The U.S. has shipped billions of dollars worth of its best weapons to the Middle East in recent years, and today Arab nations are tapping that unprecedented arms buildup for the first time to wage war on multiple fronts, sometimes without American leadership.
The Persian Gulf states have joined a U.S.-led coalition to fight the Islamic State terrorist army that controls northern and western Iraq and parts of Syria. The level of Arab participation resembles, but is much more robust than, that of the 1991 Desert Storm conflict, in which Saudi Arabia, Qatar and the United Arab Emirates joined European and American operations to evict Iraqi forces from Kuwait.
Outside that alliance, some of those same nations are going to war and not waiting for the U.S. to lead.
Saudi Arabia last week quickly formed an Arab coalition for Operation Decisive Storm, essentially to defend the Sunni kingdom against Iran at its doorstep on the southern border. Security analysts say Iran’s Quds Force helped rebel Houthi Shiites in Yemen oust a Saudi and U.S. ally, President Abed Rabbo Mansour Hadi. The Houthis also sent American troops retreating from the U.S. Embassy and from a counterterrorism base.
“Iran has provided support to the Houthis for years, and their ascendancy is increasing Iran’s influence,” James R. Clapper, the top U.S. intelligence official, told Congress last month.
The Saudis and the United Arab Emirates are conducting airstrikes on Houthi targets with the help of U.S. intelligence. On Sunday, news services reported that ground movements by Saudi forces signal an imminent invasion of Yemen — a strategically located country where U.S. warships transit the Red Sea to the Gulf of Aden.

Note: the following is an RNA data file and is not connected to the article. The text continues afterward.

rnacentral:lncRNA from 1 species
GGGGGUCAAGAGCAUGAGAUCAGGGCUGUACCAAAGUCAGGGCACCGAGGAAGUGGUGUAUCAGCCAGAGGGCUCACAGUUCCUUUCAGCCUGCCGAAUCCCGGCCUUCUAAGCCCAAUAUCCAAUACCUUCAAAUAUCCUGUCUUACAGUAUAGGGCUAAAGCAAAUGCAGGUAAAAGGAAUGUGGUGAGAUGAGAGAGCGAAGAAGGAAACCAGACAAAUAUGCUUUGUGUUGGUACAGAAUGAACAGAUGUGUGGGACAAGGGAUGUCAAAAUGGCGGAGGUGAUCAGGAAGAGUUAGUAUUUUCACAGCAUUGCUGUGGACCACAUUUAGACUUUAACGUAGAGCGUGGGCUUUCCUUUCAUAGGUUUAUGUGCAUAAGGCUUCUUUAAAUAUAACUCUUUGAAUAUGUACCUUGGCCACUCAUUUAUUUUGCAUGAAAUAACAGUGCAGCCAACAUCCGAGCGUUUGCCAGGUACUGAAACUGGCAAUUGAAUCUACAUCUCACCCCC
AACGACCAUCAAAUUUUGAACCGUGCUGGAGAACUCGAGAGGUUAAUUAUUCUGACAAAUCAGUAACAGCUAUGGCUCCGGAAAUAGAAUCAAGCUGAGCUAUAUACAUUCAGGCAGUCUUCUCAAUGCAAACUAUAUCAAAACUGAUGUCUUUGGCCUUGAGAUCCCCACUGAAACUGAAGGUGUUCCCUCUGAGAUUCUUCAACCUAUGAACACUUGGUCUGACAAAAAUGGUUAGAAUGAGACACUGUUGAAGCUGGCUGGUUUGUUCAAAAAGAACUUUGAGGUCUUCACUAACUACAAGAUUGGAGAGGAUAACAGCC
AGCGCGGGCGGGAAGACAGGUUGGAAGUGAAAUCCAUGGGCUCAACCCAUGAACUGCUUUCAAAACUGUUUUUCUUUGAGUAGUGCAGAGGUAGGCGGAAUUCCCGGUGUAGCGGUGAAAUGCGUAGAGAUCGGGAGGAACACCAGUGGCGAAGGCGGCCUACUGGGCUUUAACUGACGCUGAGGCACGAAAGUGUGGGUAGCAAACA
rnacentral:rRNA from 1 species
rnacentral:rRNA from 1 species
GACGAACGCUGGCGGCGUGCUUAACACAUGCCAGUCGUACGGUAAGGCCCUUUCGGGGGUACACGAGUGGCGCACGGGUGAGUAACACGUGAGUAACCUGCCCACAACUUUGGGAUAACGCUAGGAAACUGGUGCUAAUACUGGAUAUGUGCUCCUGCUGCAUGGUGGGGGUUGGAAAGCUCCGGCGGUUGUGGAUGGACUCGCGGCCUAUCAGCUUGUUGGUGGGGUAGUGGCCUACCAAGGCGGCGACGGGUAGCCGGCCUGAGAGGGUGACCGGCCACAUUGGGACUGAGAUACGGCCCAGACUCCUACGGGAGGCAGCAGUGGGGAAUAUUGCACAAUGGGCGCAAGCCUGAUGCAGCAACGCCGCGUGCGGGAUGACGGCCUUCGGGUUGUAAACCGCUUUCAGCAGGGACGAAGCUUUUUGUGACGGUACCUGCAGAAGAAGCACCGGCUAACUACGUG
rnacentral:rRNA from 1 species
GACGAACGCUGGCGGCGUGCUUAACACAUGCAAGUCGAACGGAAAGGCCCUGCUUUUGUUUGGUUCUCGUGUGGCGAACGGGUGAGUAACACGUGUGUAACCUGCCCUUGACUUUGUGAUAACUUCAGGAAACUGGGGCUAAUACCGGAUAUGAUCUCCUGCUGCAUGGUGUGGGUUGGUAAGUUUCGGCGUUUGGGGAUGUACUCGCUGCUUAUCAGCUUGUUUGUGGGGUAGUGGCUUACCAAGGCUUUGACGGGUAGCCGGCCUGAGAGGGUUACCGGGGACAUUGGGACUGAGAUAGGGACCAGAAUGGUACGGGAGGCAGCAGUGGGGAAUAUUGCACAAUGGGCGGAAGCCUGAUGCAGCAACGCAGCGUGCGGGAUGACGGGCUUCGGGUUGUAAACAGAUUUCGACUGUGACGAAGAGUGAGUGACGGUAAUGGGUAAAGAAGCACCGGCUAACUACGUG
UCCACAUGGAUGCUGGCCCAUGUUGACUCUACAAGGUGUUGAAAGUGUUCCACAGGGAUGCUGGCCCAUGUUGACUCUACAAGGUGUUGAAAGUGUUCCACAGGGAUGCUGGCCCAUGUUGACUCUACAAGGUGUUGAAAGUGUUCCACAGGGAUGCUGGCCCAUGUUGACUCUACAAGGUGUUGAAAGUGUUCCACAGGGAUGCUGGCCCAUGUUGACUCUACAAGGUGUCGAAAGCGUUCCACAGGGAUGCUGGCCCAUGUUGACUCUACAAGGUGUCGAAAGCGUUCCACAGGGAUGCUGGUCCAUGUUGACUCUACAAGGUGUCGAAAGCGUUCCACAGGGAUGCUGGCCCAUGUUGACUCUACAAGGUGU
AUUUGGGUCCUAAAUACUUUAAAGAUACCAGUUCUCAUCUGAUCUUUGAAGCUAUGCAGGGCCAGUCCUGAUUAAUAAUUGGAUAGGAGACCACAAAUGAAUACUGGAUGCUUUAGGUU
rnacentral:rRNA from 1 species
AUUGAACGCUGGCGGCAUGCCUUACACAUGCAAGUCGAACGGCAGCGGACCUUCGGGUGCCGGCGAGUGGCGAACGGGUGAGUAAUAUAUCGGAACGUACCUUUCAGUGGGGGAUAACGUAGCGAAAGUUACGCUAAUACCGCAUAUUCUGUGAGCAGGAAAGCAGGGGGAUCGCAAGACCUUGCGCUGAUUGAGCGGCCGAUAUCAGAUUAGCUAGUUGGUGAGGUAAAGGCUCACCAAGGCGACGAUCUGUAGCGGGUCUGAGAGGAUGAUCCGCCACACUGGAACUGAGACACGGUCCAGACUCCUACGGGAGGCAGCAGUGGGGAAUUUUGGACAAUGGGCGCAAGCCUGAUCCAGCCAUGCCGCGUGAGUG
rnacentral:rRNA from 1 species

Egypt said it is proposing an Arab army, meaning all-out war between Arab Sunni states and a Shiite Iran proxy, for control of Yemen.
It is not the first time Arab allies have acted without the U.S.
In August, Egyptian and UAE jet fighters launched from an Egyptian airfield to attack Islamist terrorist targets in Libya. The U.S. has declined to directly confront various al Qaeda-linked groups in Libya with military muscle. Afterward, the State Department and Pentagon condemned such attacks.
Michael Rubin, a Middle East analyst at the American Enterprise Institute, said the Gulf Cooperation Council was created in 1981 to stand up to the Islamic Republic of Iran. The council has struggled over unity, until now, and the alliance could mean a downgrade in U.S. influence.
“How ironic it is, then, that it took the collapse of U.S. leadership to inject unity and action into much of the GCC and the broader Arab world,” Mr. Rubin said. “Once the United States is cast aside, however, it will never restore the influence it once had. Successive presidents had Riyadh on speed dial when a crisis came, but no longer will the Saudi kings answer that 3 a.m. phone call. Ditto Cairo. Same with Abu Dhabi.”
A host of U.S. weapons
The U.S. has provided tools for the Gulf’s military independence.
First the George W. Bush administration and now President Obama have approved a record level of arms sales to Gulf Cooperation Council nations, particularly F-15 and F-16 advanced strike aircraft. The strategy: With the U.S. military shrinking and at times preoccupied in other regions, the Gulf states can take on more of their own defenses.